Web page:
-Written by Kerry Weinstein, Reference Librarian

Dewey Decimal Challenge: Book 5: Irons in the Fire by John McPhee (The 000s)

8 Feb

For our fifth and last book in the 000s, I selected another title from the 080 general collections classification–specifically 081 general collections American. Irons in the Fire is a collection of essays, previously published in The New Yorker, by American writer John McPhee, the man who is referred to as the pioneer of creative nonfiction. The seven essays in this collection span a wide-range of topics from cattle rustling to assistive technology for the blind to tire recycling to forensic geology to Plymouth Rock.

Irons in the Fire by John McPhee (081 MCP)


This has been my favorite pick of the Dewey Decimal Challenge thus far. McPhee’s writing style has been referred to as gentler, more literary journalism. There were several moments when I had to remind myself that I was even reading nonfiction! McPhee brings the characters in his writing alive with detail. While passages in the title essay on cattle rustling made me cringe, especially when McPhee explains the violent process of branding the cattle, I was completely absorbed while learning about this modern-day problem in Nevada leftover from the American Old West’s cowboy culture. I laughed out loud at the end of “Release”, a short essay about Robert Russell, a blind professor, and his unintentionally humorous talking computer. In “The Gravel Page”, McPhee takes us into the fascinating world of forensic geology, which was in its infancy during World War II. A team from the U.S. Geological Survey military geology unit became the key to unlocking the origin of a mysterious balloon offensive led by the Japanese. The Japanese used balloons propelled across the Pacific Ocean on a jet stream to bomb the United States. Out of the approximately 9,000 that are said to have been launched from the beaches of Japan, about 1,000 of these paper balloons carrying explosive devices reached North America. Only one balloon can be said to have fulfilled its mission, killing a local pastor’s pregnant wife and five children in Bly, Oregon in 1945. Incredibly enough, the U.S. Geological Survey military geology unit was able to trace the sand from one of the balloon’s ballast bags to a beach east of Tokyo! Also in “The Gravel Page”, we learn that forensic geology was used to track down the murderer of Adolph Coors III, grandson of Adolph Coors and heir to the Coors beer empire, as well as to determine the original burial location of D.E.A. agent Enrique Camarena, who was murdered while on assignment in Mexico by corrupt police officers working for an infamous drug lord. Since McPhee is a New Jerseyan, many of his essays do reference our state including his essay “In Virgin Forest”, which focuses on Hutcheson Memorial Forest in Franklin Township, New Jersey, a 500-acre nature preserve known for its untouched old growth forest. Rutgers University is permitted to study the woods and is tasked with protecting the periphery. But RU is not allowed to intervene if the woods come under attack by, say, a disease that kills native trees. Its research is purely observational.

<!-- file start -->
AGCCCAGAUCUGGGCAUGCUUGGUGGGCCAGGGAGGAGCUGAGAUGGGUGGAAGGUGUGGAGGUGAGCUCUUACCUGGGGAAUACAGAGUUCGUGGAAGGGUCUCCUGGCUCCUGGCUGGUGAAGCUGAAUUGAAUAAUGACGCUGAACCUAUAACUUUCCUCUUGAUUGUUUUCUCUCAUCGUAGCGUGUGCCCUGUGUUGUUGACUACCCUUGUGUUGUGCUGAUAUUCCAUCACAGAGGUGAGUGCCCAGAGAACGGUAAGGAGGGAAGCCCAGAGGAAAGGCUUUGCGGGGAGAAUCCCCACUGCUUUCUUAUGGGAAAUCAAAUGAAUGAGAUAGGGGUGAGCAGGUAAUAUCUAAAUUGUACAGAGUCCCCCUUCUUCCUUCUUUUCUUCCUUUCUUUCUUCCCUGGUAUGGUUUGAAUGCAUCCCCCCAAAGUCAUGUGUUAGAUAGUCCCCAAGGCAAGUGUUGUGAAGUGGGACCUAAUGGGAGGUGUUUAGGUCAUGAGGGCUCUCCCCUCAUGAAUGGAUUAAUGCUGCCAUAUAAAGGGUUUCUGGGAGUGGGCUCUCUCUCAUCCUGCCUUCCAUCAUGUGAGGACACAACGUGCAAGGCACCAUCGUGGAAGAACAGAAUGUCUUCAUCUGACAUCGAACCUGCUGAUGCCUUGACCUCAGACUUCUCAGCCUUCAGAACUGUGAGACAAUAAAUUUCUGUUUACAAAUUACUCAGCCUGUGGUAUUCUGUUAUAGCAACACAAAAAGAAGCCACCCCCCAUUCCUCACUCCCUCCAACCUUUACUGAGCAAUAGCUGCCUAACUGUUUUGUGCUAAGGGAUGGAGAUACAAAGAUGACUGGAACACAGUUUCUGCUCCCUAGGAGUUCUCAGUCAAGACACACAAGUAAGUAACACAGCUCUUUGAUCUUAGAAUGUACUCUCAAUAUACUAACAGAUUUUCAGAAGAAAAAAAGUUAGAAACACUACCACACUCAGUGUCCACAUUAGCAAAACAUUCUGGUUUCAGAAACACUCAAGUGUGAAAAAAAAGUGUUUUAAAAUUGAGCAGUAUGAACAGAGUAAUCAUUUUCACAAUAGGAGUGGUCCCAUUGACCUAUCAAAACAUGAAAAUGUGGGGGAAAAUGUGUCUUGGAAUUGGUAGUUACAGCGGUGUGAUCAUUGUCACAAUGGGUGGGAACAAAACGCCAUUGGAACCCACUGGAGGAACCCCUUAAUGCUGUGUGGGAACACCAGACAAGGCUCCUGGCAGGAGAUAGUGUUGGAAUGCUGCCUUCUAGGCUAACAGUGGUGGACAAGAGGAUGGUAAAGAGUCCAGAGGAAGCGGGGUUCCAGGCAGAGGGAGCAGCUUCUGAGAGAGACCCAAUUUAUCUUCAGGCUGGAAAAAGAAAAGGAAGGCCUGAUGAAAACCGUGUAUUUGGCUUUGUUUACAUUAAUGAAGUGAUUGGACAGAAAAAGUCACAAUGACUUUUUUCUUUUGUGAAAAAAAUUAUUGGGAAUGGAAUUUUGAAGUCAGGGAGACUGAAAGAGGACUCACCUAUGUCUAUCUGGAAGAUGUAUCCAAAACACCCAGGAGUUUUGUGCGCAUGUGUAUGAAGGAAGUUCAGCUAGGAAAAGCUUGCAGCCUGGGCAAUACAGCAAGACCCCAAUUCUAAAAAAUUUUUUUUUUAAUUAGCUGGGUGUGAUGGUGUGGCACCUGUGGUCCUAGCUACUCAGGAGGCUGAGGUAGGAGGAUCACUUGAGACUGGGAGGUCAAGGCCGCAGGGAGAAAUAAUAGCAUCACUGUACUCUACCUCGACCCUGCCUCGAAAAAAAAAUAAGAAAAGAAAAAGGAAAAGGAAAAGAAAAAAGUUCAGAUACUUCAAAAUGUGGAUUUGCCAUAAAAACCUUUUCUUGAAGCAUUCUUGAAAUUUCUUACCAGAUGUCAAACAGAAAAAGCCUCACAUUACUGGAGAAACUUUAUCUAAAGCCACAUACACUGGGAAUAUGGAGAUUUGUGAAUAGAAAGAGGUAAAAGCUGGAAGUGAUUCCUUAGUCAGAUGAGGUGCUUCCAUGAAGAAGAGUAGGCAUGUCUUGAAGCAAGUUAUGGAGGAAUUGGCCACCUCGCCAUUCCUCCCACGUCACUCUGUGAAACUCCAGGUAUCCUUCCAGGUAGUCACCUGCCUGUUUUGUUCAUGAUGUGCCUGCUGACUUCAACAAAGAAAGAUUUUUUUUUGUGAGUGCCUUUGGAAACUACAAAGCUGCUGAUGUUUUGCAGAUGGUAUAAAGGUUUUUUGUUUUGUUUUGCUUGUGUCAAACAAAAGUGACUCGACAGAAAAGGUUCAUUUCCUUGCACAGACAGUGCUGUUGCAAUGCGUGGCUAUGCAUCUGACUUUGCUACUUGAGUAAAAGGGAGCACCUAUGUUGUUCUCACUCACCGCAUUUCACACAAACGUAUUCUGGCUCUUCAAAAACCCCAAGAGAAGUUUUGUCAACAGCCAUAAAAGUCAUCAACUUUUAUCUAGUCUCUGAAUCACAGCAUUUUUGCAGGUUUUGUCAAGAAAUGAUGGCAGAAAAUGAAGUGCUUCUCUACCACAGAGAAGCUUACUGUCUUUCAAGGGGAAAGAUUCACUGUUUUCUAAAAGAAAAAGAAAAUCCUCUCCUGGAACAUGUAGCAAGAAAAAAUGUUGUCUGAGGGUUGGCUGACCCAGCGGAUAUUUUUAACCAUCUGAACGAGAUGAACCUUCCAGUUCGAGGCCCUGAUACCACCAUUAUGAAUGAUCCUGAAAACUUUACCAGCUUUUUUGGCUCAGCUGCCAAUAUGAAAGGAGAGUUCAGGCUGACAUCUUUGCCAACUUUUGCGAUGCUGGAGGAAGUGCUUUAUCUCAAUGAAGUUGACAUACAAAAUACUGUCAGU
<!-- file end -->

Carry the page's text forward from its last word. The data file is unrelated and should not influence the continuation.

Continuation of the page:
While I admit that I may have grown a bit tired of reading about rocks by the time I came to the last essay, “Travels of the Rock”, I would highly recommend this collection of essays not only for their content but also for McPhee’s unique writing style. It is important to note that these essays were published in the 1990s, which means that technological advances may have rendered them irrelevant regarding current trends. Still worth the read though!

-Written by Sharlene Edwards, Senior Children’s Librarian

Click here to read past posts about Sharlene’s Dewey Decimal Challenge!